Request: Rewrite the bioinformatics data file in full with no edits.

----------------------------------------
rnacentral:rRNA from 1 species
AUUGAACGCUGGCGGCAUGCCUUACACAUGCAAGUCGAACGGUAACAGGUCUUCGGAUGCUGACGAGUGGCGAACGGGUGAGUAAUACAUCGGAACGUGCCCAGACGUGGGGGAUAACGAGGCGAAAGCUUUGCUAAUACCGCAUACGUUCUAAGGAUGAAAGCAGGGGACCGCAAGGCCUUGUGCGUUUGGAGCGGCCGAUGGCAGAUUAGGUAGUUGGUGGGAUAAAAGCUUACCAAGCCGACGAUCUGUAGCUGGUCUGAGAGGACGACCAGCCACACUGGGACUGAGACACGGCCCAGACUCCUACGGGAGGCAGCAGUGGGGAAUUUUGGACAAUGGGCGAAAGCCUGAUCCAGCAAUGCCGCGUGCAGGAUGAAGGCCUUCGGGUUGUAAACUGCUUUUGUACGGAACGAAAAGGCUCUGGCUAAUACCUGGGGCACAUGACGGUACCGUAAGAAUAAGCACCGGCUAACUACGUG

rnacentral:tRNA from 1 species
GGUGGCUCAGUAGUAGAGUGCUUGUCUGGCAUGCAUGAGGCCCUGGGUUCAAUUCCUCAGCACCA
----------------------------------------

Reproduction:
rnacentral:rRNA from 1 species
AUUGAACGCUGGCGGCAUGCCUUACACAUGCAAGUCGAACGGUAACAGGUCUUCGGAUGCUGACGAGUGGCGAACGGGUGAGUAAUACAUCGGAACGUGCCCAGACGUGGGGGAUAACGAGGCGAAAGCUUUGCUAAUACCGCAUACGUUCUAAGGAUGAAAGCAGGGGACCGCAAGGCCUUGUGCGUUUGGAGCGGCCGAUGGCAGAUUAGGUAGUUGGUGGGAUAAAAGCUUACCAAGCCGACGAUCUGUAGCUGGUCUGAGAGGACGACCAGCCACACUGGGACUGAGACACGGCCCAGACUCCUACGGGAGGCAGCAGUGGGGAAUUUUGGACAAUGGGCGAAAGCCUGAUCCAGCAAUGCCGCGUGCAGGAUGAAGGCCUUCGGGUUGUAAACUGCUUUUGUACGGAACGAAAAGGCUCUGGCUAAUACCUGGGGCACAUGACGGUACCGUAAGAAUAAGCACCGGCUAACUACGUG

rnacentral:tRNA from 1 species
GGUGGCUCAGUAGUAGAGUGCUUGUCUGGCAUGCAUGAGGCCCUGGGUUCAAUUCCUCAGCACCA